In 1999, the country of Malaysia had a medical mystery on its hands. A disease was killing people in the village of Nipah. Young men would be healthy one day, and the next day they could not walk or talk. Their brains would swell up. The paralysis was so extreme with some victims that they were in the nightmarish situation of being fully conscious and awake but unable to move or speak. Others became completely comatose.
The mortality rate was comparable to Ebola; the Nipah disease was killing nearly half of those who contracted it. Almost one in every three families in the town had lost a family member, and the fear was that the disease would spread to large population centers such as Singapore.
The Malaysian government told people not to worry. Claiming the disease was being spread by mosquitoes, the government said it had the situation well in hand, because it was spraying for mosquitoes.
But neither Dr. Kaw Bing Chua, who was training in virology at the University of Malaya, nor his neurologist colleague, Dr. C.T. Tan believed the Nipah disease was being spread by mosquitoes.
They did not believe it because there was one important clue that was inconsistent with that theory: No Muslims were getting sick. Mosquitoes don't care what religion you practice, “so if the disease was coming from mosquitoes,” said Tan, “you would have Muslims, Hindus, and Christians all getting sick.” But only Chinese Malaysians were catching the disease — and even more specifically, only Chinese farmers raising pigs. “As you know, Muslims don't handle pigs,” Tan said. So, clearly the disease was being spread by the pigs.
Chua was trying to isolate the virus, but not getting any help from his superiors. “I called my department head at his home,” recalls Chua, “and said, 'Prof, please come. I want to show you something’.” Chua’s professor told him to throw away his experiments.
But Chua persuaded his professor to send him to the Centers for Disease Control and Prevention in Fort Collins, Colorado, where scientists study mosquito-borne illnesses, and where there was a microscope powerful enough to make viruses visible to the human eye.
Dr. Chua wrapped up virus samples in special packaging, put them in his carry-on luggage (!), and hopped a plane to the United States. “It was an emergency,” explained Dr. Chua, “I had to get the samples there very quickly.”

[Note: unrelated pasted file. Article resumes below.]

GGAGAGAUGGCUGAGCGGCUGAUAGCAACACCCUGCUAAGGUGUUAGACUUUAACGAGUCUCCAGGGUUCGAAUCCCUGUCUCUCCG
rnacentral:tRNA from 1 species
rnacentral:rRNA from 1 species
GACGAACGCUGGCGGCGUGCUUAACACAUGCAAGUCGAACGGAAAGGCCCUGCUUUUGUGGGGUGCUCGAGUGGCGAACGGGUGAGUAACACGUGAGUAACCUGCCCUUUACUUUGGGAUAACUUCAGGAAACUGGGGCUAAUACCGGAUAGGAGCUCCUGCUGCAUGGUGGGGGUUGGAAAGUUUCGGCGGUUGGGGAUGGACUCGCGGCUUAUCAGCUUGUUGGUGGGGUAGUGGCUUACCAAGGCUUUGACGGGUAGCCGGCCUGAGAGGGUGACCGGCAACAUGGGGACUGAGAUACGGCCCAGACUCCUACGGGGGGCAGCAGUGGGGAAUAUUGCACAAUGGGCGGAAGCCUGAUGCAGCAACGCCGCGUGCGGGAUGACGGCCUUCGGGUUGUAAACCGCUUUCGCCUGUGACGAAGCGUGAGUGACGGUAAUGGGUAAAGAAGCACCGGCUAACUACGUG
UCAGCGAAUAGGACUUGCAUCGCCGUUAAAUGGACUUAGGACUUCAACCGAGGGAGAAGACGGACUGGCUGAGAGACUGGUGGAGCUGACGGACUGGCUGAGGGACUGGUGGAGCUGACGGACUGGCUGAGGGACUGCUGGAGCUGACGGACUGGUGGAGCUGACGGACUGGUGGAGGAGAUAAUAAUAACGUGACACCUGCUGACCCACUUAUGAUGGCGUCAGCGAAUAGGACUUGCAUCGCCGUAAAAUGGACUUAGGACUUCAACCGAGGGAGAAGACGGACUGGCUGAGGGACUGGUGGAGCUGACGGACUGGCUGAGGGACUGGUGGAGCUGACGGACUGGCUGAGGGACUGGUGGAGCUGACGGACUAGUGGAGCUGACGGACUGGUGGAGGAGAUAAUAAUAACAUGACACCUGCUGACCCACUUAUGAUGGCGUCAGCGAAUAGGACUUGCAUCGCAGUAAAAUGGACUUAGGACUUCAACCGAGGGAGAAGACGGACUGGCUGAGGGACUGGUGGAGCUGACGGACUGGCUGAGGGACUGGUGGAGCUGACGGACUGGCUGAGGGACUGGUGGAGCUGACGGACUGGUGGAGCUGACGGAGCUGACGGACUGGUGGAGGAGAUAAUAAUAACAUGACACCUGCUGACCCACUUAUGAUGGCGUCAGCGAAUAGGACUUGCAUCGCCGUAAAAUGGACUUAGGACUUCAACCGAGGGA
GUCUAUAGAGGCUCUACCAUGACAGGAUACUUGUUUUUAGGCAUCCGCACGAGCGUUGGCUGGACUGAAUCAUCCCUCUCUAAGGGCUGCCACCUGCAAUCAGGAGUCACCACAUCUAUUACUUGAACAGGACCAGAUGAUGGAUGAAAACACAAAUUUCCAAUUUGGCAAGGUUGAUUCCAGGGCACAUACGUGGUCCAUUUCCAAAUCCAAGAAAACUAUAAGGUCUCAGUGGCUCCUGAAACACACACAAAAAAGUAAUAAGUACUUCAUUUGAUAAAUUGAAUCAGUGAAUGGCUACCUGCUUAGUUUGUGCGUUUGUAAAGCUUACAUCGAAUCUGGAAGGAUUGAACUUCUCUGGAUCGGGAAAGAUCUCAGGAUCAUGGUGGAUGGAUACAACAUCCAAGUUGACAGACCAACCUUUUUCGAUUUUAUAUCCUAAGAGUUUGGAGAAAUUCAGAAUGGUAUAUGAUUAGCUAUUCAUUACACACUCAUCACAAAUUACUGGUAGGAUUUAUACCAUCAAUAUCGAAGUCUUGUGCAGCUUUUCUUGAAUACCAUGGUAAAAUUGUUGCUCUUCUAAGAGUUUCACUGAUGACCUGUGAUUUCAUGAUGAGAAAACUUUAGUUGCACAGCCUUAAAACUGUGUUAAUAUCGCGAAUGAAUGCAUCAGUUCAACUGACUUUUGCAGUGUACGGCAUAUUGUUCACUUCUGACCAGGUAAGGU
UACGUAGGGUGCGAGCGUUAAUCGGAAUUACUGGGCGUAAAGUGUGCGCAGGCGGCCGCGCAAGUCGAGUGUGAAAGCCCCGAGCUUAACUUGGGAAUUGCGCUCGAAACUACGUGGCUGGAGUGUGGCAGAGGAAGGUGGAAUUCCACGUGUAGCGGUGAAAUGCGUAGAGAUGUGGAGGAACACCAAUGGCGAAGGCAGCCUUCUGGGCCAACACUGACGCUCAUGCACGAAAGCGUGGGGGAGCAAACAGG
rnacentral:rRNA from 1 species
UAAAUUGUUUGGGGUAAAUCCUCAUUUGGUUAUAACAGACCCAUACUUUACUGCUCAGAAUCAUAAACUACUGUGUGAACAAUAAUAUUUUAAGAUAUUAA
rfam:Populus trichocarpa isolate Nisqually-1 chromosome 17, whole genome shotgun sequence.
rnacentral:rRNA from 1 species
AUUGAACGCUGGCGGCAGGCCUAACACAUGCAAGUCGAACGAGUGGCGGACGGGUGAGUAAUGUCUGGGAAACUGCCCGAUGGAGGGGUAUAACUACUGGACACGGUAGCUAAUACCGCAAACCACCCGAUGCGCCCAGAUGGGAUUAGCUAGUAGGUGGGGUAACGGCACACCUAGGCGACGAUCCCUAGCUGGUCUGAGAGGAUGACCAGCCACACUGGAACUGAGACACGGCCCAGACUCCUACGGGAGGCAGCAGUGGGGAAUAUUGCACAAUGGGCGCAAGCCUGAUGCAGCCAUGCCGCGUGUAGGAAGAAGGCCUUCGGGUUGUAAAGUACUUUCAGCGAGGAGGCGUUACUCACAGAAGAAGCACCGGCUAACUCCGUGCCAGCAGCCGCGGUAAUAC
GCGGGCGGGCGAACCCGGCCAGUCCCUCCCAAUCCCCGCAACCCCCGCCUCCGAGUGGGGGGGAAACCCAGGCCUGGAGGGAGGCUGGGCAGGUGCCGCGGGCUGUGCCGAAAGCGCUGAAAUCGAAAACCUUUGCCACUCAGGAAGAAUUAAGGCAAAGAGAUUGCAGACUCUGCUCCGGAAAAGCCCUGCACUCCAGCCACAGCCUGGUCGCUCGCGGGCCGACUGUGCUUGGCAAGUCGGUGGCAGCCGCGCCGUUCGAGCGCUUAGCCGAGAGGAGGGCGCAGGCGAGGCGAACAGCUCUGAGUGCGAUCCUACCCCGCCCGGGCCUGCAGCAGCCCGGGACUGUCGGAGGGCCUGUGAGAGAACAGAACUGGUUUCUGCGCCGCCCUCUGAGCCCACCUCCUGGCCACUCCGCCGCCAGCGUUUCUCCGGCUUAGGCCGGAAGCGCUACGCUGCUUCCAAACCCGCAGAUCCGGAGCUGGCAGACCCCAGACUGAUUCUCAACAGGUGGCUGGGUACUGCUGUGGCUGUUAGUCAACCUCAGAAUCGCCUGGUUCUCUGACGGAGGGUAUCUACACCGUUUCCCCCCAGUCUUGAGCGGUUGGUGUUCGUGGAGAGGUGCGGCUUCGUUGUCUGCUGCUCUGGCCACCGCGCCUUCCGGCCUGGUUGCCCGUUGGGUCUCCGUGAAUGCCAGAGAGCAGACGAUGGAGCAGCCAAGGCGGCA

When he viewed his virus through the CDC microscope, Chua immediately recognized it as a paramyxo virus. “The moment I saw the screen, I said 'Goodness! It's a paramyxo!'” These viruses are associated with livestock, not mosquitoes, and they are airborne and can infect the lungs. Measles, one of the most contagious viruses on Earth, is caused by a type of paramyxovirus.
Chua grabbed the nearest telephone and called officials in Malaysia. “Stop fighting mosquitoes!” he told them. “It's coming from pigs.” The Malaysian government not only listened, it employed its military in a huge animal slaughter in which almost a million pigs were destroyed.
According to witnesses, the scene was horrific: “The pigs were screaming, and you could see some tears on their faces,” reported one observer with Malaysia’s Department of Veterinary Services. “It was pitiful.”
But the culling worked. The outbreak stopped dead in its tracks.
A further decade of research revealed that the Malaysian pig population had been picking up the Nipah virus for years, probably from bats, but the outbreaks had been small. In the 1990s, however, Malaysia began adopting Western, industrialized farming methods, concentrating large numbers of pigs together in a small area.
“The way people grow their food has changed, and so has the way diseases spread,” says Tan. “Agricultural industrialization was part of what triggered the outbreak.”
The Nipah threat has not been extinguished. Across Asia, there have been at least 16 outbreaks since 1999 — in India, Bangladesh and the Philippines, and there are signs that the virus is becoming more dangerous. In the Malaysian outbreak, the fatality rate was about 40 percent, and the virus did not seem to be spreading directly from person to person. In more recent outbreaks, Nipah has killed up to 70 percent of those infected, and it seems to be spreading not only from animals to people but also from person to person.